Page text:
Female Collective is an intersectional feminist brand and online community that celebrates, empowers, uplifts, and supports all women. Founded by Candace Reels, the platform has accumulated over 100,000 followers on instagram. In response to the profusion of sexual assault allegations rocking the country, the Collective posed a question to their followers: “If all the people who have been sexually harassed, assaulted, or raped, write ME TOO in the comments, we might give people a sense of the magnitude of the problem.” Within hours of being posted, the image had almost four thousand comments.
We caught up with Candace to talk her platform, and how critical it is today.
I started Female Collective a little over a year and a half ago when I was going through a transition in my life. I had just turned 26 and my personal life and career life were not where I had imagined it would be. I desperately needed some inspiration and motivation in my life. Being a millennial, I of course went to the ‘gram to find something to lift my spirits up, but I couldn’t find anything that I really connected to. So that’s when I decided to start my own account that would help me on this weird, incredible journey we call life.
Every day I started posting quotes and people that inspired and uplifted me, including some of my favorite women like Frida Kahlo, Angela Davis, Maya Angelou, and Gloria Steinem. What started off as just a personal journey and account ended up being something that other women told me they needed as well. I started to gain a following, and companies that I have always loved started reposting my content. Since I have a background in fashion, I decided I wanted to create clothing that would allow people to express who they are nonverbally. I also wanted to make sure that I stuck to the Female Collective mission and gave back to organizations that help women who need it most. For most graphic tees, a percentage of proceeds goes to organizations like Global Fund for Women, Black Girls Code, Planned Parenthood, and RAINN. So here we are now, a year and a half later and I have collaborated with Bustle, author Jessica Bennett, and Pussy Grabs Back. I was one of the organizers for The Women’s March in Los Angeles, I have been featured in Huffington Post Women, Teen Vogue, Bustle, and Hello Giggles.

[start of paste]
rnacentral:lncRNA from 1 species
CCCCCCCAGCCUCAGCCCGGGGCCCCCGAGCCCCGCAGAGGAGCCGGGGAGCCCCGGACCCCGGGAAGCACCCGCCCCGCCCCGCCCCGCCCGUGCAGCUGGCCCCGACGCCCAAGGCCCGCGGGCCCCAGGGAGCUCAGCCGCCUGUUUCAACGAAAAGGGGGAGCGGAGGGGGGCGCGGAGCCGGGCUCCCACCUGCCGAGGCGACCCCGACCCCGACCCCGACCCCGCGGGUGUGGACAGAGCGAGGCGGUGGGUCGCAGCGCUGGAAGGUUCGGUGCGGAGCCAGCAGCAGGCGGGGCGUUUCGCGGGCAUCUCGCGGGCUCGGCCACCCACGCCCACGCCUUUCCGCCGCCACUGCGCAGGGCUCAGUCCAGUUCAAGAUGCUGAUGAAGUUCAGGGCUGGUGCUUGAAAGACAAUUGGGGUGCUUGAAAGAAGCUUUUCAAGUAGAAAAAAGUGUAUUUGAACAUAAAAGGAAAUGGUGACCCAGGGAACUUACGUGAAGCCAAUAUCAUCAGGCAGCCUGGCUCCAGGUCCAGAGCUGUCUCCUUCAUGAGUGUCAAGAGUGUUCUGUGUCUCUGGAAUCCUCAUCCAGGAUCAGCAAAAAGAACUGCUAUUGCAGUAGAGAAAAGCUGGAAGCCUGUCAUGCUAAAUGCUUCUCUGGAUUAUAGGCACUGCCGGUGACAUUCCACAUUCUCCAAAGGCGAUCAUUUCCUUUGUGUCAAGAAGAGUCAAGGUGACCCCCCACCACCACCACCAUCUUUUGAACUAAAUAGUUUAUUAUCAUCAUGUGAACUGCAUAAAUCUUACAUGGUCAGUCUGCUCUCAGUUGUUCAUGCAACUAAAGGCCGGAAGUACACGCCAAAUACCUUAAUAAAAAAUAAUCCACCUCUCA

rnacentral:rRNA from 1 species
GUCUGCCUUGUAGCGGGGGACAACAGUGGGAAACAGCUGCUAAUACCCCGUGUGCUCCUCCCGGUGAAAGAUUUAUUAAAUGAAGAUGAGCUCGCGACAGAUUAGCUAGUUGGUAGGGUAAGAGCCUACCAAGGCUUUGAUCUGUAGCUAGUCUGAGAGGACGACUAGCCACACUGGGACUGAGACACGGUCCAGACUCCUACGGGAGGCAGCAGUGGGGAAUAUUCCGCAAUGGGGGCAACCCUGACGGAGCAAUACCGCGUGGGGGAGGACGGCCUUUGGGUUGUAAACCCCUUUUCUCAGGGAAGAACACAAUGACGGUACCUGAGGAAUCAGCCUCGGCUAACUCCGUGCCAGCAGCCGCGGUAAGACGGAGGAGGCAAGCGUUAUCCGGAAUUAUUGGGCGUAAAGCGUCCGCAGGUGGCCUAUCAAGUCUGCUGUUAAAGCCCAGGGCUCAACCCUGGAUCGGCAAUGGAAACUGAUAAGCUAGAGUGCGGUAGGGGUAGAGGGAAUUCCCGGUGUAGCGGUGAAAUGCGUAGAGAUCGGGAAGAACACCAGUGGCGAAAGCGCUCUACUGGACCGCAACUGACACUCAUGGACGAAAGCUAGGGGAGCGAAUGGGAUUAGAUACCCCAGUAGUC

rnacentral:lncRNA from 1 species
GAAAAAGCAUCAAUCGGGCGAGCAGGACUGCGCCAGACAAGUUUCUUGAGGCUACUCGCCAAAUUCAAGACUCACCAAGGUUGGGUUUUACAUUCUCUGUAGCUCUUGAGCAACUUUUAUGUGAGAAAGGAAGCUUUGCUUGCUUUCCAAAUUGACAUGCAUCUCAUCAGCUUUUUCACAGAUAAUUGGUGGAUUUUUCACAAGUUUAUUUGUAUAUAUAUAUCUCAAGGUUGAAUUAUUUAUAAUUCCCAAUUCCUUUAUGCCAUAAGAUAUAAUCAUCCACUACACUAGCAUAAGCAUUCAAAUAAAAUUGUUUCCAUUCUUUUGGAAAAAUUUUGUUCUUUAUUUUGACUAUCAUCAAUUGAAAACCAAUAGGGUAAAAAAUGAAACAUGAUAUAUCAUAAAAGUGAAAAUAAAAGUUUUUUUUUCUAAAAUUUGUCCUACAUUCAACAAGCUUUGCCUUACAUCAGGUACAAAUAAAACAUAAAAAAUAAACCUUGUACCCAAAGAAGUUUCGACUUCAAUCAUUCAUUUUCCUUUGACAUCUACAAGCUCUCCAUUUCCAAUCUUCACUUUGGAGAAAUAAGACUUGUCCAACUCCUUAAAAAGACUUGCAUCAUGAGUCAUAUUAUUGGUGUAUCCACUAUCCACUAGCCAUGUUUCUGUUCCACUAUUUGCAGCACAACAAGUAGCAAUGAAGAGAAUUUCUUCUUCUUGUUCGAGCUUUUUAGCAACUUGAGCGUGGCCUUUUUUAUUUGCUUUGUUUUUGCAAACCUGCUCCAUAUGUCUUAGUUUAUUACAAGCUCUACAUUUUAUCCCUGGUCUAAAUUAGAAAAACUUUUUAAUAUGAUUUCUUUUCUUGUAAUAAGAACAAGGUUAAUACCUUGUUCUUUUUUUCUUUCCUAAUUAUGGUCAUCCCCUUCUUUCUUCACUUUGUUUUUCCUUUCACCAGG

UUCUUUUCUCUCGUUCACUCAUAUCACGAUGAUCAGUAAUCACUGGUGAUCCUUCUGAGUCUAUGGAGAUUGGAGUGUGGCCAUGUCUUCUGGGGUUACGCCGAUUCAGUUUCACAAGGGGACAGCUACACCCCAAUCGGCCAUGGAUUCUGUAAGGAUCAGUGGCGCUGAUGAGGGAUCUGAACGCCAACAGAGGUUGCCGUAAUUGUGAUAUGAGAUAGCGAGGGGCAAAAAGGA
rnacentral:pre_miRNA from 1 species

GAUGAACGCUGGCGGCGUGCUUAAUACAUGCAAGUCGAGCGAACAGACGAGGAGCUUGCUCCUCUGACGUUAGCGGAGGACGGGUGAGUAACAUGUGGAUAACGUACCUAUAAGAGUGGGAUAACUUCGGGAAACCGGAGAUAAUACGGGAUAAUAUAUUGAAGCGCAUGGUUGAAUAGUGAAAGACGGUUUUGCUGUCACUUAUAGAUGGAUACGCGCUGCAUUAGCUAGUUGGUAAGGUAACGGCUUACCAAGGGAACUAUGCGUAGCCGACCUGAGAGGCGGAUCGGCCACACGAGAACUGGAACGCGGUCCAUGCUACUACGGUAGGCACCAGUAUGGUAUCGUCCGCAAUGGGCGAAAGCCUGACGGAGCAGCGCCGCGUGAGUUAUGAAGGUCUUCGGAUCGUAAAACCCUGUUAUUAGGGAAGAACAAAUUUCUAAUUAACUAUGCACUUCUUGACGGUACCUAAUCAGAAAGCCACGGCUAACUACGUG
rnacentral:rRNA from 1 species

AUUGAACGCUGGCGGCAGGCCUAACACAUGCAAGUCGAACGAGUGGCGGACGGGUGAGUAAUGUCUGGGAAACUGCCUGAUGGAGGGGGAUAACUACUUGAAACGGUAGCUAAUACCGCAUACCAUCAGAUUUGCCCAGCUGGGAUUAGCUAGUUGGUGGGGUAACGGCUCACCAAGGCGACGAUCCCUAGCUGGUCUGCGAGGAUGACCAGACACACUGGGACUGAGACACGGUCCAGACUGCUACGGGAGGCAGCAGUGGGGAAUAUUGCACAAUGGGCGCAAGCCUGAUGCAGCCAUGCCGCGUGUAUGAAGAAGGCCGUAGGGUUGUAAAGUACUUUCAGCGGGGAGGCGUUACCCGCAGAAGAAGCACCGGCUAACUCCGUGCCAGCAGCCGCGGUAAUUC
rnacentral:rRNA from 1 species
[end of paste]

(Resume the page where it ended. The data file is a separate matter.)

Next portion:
Female Collective has, of course, turned a bit more political with the current state of our country. I am not afraid to share my views and cause a bit of trouble, as this is the time we all must speak up. I know by doing this, I am isolating myself from other audiences, but I’ve never been silent on issues that are important to me and I believe it is important when you have a platform that you use it for good. While Female Collective’s mission is still to celebrate, empower, uplift, and support all women, it is also a place to educate people on everything that is happening in our world, including the importance of climate change, black lives matters, immigrant rights, and LGBTQ rights, to name a few. Because as an intersectional feminist, I believe that the goal is to make sure that we are all equal, because no human is better than any other.
In the making of DRØME we hope to showcase a community of doers and nourish an attitude of empathy in a world that teaches us to pass judgment rather than practice kindness. The stories, images, and people shared in this magazine are an amalgamation of perspectives often overlooked or explicitly excluded from art and media worlds. The dearth of diverse identities and viewpoints within the arts is harrowing, especially for a young generation that is fighting its hardest to overcome conservative notions of order ultimately practiced as acts of discrimination against the very people and things we find most inspiring. In DRØME, the featured creators and creations encourage us to never shy away from who we are and what we want. Each artist, in sharing their story, embodies their own definition of agency. Against a mainstream ideology that indoctrinates patriarchal, capitalist, and hateful theories turned into policy, the artists in our first issue represent the ways in which art can take power back from society's denigrating control.